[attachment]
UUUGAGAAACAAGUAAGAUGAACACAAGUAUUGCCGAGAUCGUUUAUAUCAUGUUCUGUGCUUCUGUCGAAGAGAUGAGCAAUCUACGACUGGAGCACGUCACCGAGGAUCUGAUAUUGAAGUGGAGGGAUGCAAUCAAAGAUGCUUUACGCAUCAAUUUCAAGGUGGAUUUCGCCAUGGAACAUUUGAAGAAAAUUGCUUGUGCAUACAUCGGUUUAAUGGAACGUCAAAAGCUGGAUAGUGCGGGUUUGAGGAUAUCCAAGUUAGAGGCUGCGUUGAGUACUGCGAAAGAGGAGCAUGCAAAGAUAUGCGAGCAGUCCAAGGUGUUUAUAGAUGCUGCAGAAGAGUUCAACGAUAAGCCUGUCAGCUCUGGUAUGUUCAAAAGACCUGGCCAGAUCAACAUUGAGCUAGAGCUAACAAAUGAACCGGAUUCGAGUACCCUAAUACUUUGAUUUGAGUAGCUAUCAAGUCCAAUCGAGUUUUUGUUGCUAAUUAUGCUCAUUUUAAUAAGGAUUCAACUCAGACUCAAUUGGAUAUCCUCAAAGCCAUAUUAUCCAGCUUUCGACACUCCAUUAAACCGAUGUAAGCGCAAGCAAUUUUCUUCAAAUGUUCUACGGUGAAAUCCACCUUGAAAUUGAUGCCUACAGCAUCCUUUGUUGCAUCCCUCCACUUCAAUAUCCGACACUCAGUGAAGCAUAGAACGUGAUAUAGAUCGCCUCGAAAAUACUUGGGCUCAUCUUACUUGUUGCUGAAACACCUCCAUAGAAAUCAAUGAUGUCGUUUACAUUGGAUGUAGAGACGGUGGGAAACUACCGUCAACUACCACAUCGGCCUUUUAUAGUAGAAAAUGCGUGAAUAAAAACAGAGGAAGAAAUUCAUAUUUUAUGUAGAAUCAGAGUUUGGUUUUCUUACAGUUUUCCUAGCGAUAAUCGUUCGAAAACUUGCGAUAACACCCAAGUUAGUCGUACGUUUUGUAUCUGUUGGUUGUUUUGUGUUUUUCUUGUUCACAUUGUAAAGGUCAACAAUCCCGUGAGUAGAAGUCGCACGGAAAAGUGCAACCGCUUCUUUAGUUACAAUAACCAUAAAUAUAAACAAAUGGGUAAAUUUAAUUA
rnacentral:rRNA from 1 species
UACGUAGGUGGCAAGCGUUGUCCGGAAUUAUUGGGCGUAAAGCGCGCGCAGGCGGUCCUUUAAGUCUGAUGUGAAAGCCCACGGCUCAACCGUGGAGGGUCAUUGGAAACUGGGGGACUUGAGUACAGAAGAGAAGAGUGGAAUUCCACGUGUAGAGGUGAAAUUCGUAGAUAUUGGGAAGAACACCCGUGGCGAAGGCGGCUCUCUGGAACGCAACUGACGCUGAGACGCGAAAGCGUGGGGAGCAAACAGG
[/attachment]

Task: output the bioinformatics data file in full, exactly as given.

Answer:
UUUGAGAAACAAGUAAGAUGAACACAAGUAUUGCCGAGAUCGUUUAUAUCAUGUUCUGUGCUUCUGUCGAAGAGAUGAGCAAUCUACGACUGGAGCACGUCACCGAGGAUCUGAUAUUGAAGUGGAGGGAUGCAAUCAAAGAUGCUUUACGCAUCAAUUUCAAGGUGGAUUUCGCCAUGGAACAUUUGAAGAAAAUUGCUUGUGCAUACAUCGGUUUAAUGGAACGUCAAAAGCUGGAUAGUGCGGGUUUGAGGAUAUCCAAGUUAGAGGCUGCGUUGAGUACUGCGAAAGAGGAGCAUGCAAAGAUAUGCGAGCAGUCCAAGGUGUUUAUAGAUGCUGCAGAAGAGUUCAACGAUAAGCCUGUCAGCUCUGGUAUGUUCAAAAGACCUGGCCAGAUCAACAUUGAGCUAGAGCUAACAAAUGAACCGGAUUCGAGUACCCUAAUACUUUGAUUUGAGUAGCUAUCAAGUCCAAUCGAGUUUUUGUUGCUAAUUAUGCUCAUUUUAAUAAGGAUUCAACUCAGACUCAAUUGGAUAUCCUCAAAGCCAUAUUAUCCAGCUUUCGACACUCCAUUAAACCGAUGUAAGCGCAAGCAAUUUUCUUCAAAUGUUCUACGGUGAAAUCCACCUUGAAAUUGAUGCCUACAGCAUCCUUUGUUGCAUCCCUCCACUUCAAUAUCCGACACUCAGUGAAGCAUAGAACGUGAUAUAGAUCGCCUCGAAAAUACUUGGGCUCAUCUUACUUGUUGCUGAAACACCUCCAUAGAAAUCAAUGAUGUCGUUUACAUUGGAUGUAGAGACGGUGGGAAACUACCGUCAACUACCACAUCGGCCUUUUAUAGUAGAAAAUGCGUGAAUAAAAACAGAGGAAGAAAUUCAUAUUUUAUGUAGAAUCAGAGUUUGGUUUUCUUACAGUUUUCCUAGCGAUAAUCGUUCGAAAACUUGCGAUAACACCCAAGUUAGUCGUACGUUUUGUAUCUGUUGGUUGUUUUGUGUUUUUCUUGUUCACAUUGUAAAGGUCAACAAUCCCGUGAGUAGAAGUCGCACGGAAAAGUGCAACCGCUUCUUUAGUUACAAUAACCAUAAAUAUAAACAAAUGGGUAAAUUUAAUUA
rnacentral:rRNA from 1 species
UACGUAGGUGGCAAGCGUUGUCCGGAAUUAUUGGGCGUAAAGCGCGCGCAGGCGGUCCUUUAAGUCUGAUGUGAAAGCCCACGGCUCAACCGUGGAGGGUCAUUGGAAACUGGGGGACUUGAGUACAGAAGAGAAGAGUGGAAUUCCACGUGUAGAGGUGAAAUUCGUAGAUAUUGGGAAGAACACCCGUGGCGAAGGCGGCUCUCUGGAACGCAACUGACGCUGAGACGCGAAAGCGUGGGGAGCAAACAGG